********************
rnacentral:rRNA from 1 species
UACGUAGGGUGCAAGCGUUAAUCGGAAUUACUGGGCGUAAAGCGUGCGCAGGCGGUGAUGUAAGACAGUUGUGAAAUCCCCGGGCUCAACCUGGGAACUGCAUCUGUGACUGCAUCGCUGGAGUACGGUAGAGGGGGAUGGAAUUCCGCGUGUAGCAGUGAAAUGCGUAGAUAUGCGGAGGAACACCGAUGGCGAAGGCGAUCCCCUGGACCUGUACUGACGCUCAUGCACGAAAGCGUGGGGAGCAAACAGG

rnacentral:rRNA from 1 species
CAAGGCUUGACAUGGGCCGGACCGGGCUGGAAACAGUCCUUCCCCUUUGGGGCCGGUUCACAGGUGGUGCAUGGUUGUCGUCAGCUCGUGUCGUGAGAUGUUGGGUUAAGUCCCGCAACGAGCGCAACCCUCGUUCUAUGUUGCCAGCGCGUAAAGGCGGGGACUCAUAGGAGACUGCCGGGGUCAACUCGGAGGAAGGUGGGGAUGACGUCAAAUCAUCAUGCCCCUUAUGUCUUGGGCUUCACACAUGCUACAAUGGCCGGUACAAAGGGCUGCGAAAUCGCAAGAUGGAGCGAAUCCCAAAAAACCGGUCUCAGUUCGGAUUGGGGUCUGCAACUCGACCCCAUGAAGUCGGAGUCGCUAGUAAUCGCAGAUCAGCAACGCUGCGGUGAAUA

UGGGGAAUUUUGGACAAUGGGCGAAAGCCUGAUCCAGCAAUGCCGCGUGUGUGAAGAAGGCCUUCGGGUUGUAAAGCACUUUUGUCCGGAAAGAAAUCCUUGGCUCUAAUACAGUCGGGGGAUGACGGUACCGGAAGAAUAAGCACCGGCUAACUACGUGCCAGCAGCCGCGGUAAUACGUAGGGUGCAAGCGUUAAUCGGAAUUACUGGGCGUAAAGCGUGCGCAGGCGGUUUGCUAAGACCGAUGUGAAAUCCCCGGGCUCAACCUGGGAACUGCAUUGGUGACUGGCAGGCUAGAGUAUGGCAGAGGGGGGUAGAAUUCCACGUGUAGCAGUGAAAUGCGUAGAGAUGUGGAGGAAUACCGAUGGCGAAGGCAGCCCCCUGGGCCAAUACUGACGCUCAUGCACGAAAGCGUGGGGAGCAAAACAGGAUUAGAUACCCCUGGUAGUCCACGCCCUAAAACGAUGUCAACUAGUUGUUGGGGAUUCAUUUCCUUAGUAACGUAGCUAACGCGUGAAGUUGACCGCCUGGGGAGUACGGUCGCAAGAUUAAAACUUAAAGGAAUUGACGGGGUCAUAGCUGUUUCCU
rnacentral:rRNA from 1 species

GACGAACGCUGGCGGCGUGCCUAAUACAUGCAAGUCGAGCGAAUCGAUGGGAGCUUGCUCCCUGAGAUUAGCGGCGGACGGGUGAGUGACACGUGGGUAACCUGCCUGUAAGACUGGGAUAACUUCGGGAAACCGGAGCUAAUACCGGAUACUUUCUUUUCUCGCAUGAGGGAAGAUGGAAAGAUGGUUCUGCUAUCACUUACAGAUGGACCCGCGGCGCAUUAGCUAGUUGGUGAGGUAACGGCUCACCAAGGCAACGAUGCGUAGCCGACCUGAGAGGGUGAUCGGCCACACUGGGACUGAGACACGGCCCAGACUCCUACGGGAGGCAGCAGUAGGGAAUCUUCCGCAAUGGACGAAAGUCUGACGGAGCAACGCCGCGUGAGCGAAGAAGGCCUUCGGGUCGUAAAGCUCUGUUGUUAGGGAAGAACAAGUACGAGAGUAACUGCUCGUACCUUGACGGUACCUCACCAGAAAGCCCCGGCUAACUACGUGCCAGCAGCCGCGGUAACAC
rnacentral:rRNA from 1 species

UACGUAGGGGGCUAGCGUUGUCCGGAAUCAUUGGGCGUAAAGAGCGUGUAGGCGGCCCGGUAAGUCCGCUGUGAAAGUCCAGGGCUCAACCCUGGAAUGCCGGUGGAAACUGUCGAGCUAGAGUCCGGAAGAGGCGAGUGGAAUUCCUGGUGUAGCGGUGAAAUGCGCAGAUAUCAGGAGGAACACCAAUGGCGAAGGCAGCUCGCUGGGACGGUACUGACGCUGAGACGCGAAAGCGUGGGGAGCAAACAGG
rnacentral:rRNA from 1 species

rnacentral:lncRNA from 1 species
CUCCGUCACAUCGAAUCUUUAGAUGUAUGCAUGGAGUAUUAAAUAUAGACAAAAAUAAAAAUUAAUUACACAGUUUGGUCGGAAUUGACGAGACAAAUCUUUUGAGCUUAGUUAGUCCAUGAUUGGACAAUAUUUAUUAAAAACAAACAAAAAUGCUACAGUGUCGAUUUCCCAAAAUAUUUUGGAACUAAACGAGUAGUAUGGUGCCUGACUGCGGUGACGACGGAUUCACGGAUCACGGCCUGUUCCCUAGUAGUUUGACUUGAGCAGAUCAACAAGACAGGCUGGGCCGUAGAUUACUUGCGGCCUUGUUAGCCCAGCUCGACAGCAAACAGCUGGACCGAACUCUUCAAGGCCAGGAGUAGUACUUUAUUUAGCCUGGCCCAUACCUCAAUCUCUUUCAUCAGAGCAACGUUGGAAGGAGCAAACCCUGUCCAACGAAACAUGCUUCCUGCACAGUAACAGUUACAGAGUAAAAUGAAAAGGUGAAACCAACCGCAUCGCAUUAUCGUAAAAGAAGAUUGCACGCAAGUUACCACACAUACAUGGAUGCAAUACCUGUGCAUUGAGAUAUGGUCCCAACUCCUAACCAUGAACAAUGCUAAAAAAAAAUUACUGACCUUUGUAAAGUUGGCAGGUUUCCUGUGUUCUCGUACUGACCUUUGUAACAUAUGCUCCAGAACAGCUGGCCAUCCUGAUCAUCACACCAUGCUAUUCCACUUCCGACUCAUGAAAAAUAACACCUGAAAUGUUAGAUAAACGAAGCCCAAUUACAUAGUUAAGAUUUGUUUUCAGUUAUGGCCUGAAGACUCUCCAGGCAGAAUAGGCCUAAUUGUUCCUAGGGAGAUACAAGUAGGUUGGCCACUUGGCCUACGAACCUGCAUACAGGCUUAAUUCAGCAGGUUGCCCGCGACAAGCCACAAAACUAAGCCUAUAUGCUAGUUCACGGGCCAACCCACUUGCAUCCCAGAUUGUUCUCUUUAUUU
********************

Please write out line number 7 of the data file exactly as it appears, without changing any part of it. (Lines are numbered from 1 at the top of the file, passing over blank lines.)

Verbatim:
GACGAACGCUGGCGGCGUGCCUAAUACAUGCAAGUCGAGCGAAUCGAUGGGAGCUUGCUCCCUGAGAUUAGCGGCGGACGGGUGAGUGACACGUGGGUAACCUGCCUGUAAGACUGGGAUAACUUCGGGAAACCGGAGCUAAUACCGGAUACUUUCUUUUCUCGCAUGAGGGAAGAUGGAAAGAUGGUUCUGCUAUCACUUACAGAUGGACCCGCGGCGCAUUAGCUAGUUGGUGAGGUAACGGCUCACCAAGGCAACGAUGCGUAGCCGACCUGAGAGGGUGAUCGGCCACACUGGGACUGAGACACGGCCCAGACUCCUACGGGAGGCAGCAGUAGGGAAUCUUCCGCAAUGGACGAAAGUCUGACGGAGCAACGCCGCGUGAGCGAAGAAGGCCUUCGGGUCGUAAAGCUCUGUUGUUAGGGAAGAACAAGUACGAGAGUAACUGCUCGUACCUUGACGGUACCUCACCAGAAAGCCCCGGCUAACUACGUGCCAGCAGCCGCGGUAACAC